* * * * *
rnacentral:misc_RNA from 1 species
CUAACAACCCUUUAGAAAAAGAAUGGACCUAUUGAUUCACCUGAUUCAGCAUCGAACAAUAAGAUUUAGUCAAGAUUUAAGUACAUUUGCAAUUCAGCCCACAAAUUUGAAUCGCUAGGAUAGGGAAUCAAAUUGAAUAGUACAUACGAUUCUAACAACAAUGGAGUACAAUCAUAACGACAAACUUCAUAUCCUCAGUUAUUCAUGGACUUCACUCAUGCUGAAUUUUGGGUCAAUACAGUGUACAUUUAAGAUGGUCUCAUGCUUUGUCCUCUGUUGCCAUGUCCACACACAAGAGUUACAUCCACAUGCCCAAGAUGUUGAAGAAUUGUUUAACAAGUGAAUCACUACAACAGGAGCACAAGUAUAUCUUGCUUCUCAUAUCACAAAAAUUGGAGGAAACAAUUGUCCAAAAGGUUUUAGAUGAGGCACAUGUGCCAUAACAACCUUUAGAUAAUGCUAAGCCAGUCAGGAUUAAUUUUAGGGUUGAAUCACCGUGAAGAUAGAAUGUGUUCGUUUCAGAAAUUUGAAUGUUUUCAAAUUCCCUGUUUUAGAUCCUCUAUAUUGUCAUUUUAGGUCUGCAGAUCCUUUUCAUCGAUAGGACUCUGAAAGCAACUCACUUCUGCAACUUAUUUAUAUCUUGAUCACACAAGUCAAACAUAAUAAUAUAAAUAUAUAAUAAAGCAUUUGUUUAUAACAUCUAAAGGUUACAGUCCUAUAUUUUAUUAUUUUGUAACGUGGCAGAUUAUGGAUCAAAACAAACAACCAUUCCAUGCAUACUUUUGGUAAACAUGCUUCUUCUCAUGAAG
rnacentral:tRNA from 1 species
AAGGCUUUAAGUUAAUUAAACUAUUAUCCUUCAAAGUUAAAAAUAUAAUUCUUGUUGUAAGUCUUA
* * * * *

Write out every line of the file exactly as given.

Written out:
rnacentral:misc_RNA from 1 species
CUAACAACCCUUUAGAAAAAGAAUGGACCUAUUGAUUCACCUGAUUCAGCAUCGAACAAUAAGAUUUAGUCAAGAUUUAAGUACAUUUGCAAUUCAGCCCACAAAUUUGAAUCGCUAGGAUAGGGAAUCAAAUUGAAUAGUACAUACGAUUCUAACAACAAUGGAGUACAAUCAUAACGACAAACUUCAUAUCCUCAGUUAUUCAUGGACUUCACUCAUGCUGAAUUUUGGGUCAAUACAGUGUACAUUUAAGAUGGUCUCAUGCUUUGUCCUCUGUUGCCAUGUCCACACACAAGAGUUACAUCCACAUGCCCAAGAUGUUGAAGAAUUGUUUAACAAGUGAAUCACUACAACAGGAGCACAAGUAUAUCUUGCUUCUCAUAUCACAAAAAUUGGAGGAAACAAUUGUCCAAAAGGUUUUAGAUGAGGCACAUGUGCCAUAACAACCUUUAGAUAAUGCUAAGCCAGUCAGGAUUAAUUUUAGGGUUGAAUCACCGUGAAGAUAGAAUGUGUUCGUUUCAGAAAUUUGAAUGUUUUCAAAUUCCCUGUUUUAGAUCCUCUAUAUUGUCAUUUUAGGUCUGCAGAUCCUUUUCAUCGAUAGGACUCUGAAAGCAACUCACUUCUGCAACUUAUUUAUAUCUUGAUCACACAAGUCAAACAUAAUAAUAUAAAUAUAUAAUAAAGCAUUUGUUUAUAACAUCUAAAGGUUACAGUCCUAUAUUUUAUUAUUUUGUAACGUGGCAGAUUAUGGAUCAAAACAAACAACCAUUCCAUGCAUACUUUUGGUAAACAUGCUUCUUCUCAUGAAG
rnacentral:tRNA from 1 species
AAGGCUUUAAGUUAAUUAAACUAUUAUCCUUCAAAGUUAAAAAUAUAAUUCUUGUUGUAAGUCUUA